Aramaeans, or Arameans, an ancient Semitic people whose language, Aramaic, was for a long time the most widely spoken tongue in the Middle East. Aramaic was the language Jesus spoke. The Aramaic alphabet was the foundation for the Hebrew, Syriac, and Arabic alphabets. Parts of the Old Testament were originally written in Aramaic.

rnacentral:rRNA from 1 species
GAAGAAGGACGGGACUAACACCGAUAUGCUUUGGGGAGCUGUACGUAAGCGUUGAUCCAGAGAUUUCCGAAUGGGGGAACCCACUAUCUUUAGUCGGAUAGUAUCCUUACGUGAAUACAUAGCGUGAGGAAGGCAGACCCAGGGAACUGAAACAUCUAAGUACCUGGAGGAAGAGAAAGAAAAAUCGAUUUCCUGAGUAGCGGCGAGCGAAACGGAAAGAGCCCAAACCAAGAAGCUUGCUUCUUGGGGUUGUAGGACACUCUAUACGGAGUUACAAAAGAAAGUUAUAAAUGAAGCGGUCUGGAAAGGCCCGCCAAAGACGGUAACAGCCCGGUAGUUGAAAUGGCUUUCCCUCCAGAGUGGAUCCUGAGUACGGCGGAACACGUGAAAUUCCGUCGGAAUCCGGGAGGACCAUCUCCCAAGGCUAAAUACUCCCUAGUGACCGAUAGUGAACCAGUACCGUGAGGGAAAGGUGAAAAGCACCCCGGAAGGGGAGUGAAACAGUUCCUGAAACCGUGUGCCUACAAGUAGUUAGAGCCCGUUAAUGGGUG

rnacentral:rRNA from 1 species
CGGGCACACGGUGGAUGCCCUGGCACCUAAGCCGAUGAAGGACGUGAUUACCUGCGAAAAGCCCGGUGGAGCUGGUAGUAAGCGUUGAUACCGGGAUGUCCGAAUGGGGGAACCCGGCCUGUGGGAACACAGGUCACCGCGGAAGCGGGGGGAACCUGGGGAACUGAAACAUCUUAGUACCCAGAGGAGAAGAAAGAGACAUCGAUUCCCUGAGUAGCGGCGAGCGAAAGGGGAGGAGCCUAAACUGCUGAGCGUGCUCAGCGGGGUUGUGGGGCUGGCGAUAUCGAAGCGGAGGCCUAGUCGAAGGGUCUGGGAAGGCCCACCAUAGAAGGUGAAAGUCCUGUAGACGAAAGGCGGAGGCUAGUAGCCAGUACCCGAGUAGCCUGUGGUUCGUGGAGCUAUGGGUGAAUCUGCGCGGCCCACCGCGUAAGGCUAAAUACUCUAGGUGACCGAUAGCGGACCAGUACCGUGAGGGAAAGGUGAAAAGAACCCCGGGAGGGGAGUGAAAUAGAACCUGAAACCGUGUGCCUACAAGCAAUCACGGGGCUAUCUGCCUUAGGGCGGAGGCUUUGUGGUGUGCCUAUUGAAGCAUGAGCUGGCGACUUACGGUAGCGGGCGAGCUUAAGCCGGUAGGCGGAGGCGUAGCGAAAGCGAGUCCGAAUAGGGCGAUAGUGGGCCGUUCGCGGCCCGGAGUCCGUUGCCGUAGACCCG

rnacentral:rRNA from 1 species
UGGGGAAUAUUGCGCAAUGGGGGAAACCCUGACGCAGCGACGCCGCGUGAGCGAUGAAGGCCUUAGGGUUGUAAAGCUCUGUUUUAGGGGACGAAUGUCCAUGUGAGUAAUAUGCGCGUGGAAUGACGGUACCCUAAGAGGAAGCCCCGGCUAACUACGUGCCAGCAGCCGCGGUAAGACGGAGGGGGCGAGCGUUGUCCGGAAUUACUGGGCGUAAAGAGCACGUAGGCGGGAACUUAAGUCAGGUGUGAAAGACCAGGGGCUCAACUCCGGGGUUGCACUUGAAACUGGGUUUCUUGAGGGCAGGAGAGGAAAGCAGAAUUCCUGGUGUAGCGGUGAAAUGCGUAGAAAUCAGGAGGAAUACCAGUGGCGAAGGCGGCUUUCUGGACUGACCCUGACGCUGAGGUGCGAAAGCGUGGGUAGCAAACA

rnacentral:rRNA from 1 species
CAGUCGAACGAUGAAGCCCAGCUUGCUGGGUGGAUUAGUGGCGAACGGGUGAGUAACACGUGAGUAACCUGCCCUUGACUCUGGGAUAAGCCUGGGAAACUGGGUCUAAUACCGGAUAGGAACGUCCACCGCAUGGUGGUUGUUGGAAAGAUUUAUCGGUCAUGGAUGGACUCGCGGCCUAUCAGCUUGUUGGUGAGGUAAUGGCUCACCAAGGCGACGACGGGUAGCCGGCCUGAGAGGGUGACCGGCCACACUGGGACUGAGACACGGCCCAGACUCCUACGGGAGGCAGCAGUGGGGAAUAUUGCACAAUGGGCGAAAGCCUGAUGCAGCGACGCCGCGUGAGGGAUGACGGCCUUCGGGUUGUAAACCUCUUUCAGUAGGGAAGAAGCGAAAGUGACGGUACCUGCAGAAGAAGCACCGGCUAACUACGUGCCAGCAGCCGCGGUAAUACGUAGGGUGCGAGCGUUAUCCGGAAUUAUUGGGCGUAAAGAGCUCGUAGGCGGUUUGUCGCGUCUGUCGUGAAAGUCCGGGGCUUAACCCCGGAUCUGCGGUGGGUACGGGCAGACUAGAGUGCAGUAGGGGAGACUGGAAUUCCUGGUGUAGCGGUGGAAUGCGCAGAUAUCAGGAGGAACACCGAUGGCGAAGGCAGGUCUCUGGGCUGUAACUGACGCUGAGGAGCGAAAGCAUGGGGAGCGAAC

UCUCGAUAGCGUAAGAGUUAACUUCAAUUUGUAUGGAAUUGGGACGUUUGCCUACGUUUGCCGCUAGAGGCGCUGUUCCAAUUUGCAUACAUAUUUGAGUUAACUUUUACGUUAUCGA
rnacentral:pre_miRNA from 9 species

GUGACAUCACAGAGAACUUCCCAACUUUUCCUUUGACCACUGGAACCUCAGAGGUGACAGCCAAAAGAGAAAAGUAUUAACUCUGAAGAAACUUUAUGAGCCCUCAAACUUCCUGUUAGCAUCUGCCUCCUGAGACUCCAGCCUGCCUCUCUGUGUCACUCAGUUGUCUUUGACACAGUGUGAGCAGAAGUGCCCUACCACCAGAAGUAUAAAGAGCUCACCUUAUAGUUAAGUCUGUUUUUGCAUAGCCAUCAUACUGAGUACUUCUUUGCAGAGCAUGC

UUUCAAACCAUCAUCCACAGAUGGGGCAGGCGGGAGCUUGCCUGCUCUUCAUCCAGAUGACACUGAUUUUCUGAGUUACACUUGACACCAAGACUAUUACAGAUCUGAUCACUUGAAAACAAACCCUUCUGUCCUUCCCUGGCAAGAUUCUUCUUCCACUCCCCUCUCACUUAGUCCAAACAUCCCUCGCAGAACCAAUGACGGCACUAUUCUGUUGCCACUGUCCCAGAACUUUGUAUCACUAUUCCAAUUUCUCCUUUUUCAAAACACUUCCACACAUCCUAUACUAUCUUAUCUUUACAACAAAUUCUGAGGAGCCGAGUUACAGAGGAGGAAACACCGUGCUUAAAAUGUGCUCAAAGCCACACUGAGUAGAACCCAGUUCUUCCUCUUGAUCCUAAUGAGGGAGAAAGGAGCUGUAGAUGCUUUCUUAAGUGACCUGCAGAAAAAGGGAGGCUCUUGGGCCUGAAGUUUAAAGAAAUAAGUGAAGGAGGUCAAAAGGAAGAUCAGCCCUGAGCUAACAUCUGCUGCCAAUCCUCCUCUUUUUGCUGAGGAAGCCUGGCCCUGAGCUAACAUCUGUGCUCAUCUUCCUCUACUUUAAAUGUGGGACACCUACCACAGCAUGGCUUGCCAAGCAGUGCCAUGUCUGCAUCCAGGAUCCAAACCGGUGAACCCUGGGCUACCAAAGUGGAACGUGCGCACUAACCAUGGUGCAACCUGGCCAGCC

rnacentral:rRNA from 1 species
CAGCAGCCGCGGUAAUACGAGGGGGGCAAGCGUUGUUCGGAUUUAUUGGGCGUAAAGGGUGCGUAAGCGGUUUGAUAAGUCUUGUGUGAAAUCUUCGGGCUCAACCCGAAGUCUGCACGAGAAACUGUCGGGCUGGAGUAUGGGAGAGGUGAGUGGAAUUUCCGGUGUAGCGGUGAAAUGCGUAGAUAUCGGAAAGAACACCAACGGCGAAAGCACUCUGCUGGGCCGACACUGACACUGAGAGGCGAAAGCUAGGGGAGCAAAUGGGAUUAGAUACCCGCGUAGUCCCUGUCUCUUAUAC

The Aramaeans probably originated in the North Arabian desert. By the 11th century B.C. they had established several small kingdoms in the area of Syria and Upper Mesopotamia. These kingdoms were conquered by the Assyrians during the ninth Century B.C., and the Aramaeans were dispersed to various parts of the Assyrian empire. The Aramaic lauguage was widely adopted wherever the Aramaeans moved. Beginning in the seventh century A.D., Aramaic was gradually replaced by Arabic as the dominant language of the Middle East. However, in isolated villages in Syria and elsewhere a form of Aramaic is still spoken.